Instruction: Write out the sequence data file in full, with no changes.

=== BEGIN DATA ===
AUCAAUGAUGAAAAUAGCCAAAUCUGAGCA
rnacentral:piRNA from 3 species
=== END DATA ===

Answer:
AUCAAUGAUGAAAAUAGCCAAAUCUGAGCA
rnacentral:piRNA from 3 species